For those who saw my NHK commission "Dying at Home" in February, you will know Mr. Hata as one of the central patients I documented who has terminal cancer and is preparing to die (INFO).
Since meeting him, I have developed a close relationship with Mr. Hata and his wife, and I have spent the night with them in their home several times in the past few months. When I arrive, they always greet me with a warm "Welcome Home!" and a home-cooked meal.
Mr. Hata and his wife have no children, but when referring to her husband, Mrs. Hata refers to him as "father". The first time I spent the night, she set out a pair of Mr. Hata's pajamas for me to wear, saying "I think father's pajamas will be a little big on you, but they'll do." And there was something in the way Mr. Hata would voice his concerns about me not having job security as an "artist" and in the way he would tease me for being too skinny and not being able to drink "like an adult" that really made him seem like a dad.
During one of those visits when his wife was not around, Mr. Hata told me about a son he had not seen in over thirty years. In that moment it occurred to me that the fatherly way Mr. Hata had towards me was at least in part because my presence reminded him of the son he had who was around my age and whom he had not seen in over three decades.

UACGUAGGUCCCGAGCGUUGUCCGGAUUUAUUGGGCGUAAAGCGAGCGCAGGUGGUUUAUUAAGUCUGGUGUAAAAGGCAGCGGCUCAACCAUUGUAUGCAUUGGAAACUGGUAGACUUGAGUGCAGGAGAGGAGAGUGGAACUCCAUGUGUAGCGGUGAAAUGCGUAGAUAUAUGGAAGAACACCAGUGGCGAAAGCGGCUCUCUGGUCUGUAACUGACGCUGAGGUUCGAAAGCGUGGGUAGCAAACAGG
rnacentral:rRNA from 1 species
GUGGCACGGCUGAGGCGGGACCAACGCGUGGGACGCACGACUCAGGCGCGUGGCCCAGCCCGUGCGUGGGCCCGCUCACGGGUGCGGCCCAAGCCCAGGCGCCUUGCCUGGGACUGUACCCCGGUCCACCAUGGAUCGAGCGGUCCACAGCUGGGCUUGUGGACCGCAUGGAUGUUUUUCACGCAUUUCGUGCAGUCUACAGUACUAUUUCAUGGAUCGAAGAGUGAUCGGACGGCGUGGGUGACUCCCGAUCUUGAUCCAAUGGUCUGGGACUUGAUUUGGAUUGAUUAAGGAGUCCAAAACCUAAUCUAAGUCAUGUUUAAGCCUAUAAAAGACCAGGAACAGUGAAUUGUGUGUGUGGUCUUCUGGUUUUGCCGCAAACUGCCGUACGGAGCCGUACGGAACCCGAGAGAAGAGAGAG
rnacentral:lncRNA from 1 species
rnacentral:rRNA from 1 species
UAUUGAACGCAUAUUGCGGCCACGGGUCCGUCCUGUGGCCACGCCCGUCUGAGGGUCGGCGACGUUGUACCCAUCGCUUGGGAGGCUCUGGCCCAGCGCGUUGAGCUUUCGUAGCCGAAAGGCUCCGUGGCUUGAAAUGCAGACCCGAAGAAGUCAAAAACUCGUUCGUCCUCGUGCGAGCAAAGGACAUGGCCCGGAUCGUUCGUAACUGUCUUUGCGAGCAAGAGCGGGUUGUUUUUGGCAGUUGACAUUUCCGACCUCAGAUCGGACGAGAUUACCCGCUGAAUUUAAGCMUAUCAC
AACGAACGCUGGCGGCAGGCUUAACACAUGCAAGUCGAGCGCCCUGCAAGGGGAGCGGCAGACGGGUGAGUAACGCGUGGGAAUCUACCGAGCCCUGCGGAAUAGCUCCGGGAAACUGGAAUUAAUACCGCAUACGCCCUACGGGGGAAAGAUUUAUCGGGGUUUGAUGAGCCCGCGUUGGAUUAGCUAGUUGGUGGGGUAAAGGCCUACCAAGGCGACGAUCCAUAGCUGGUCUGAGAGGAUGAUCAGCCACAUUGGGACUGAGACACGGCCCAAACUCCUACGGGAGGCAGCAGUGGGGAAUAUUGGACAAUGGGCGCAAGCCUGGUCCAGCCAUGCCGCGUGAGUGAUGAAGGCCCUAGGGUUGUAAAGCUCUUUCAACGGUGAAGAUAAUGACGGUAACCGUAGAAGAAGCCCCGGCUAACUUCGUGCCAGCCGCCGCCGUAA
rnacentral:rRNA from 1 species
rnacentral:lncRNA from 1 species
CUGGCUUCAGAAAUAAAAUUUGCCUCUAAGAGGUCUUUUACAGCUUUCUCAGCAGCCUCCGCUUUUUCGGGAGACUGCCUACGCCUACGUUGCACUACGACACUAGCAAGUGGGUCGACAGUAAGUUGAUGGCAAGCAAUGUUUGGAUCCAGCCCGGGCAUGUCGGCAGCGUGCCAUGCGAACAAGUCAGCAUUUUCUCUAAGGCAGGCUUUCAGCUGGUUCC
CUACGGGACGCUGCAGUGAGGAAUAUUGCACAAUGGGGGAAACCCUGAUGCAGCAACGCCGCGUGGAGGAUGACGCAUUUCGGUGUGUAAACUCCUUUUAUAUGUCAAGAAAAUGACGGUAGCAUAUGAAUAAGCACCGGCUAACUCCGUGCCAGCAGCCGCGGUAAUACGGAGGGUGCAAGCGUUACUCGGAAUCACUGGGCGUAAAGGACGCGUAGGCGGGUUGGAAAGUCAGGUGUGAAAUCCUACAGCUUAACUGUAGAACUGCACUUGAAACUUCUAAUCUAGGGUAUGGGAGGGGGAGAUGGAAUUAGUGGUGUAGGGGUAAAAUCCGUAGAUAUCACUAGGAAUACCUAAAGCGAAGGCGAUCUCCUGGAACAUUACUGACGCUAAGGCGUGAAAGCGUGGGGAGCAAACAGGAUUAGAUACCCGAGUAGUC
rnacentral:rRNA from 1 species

After mentioning his son to me on a couple of more occasions, I asked Mr. Hata if he was just wanting me to listen or if, perhaps, he was wanting me to try to find his son. He said that he wanted to see his son before he died. With his wife's blessing, I found T, Mr. Hata's son, and reunited them after 30 years.
It was an amazing, life-changing and emotional weekend. In real time, I documented in photographs and words the reunion of a dying father and the son he had not seen in 30 years.
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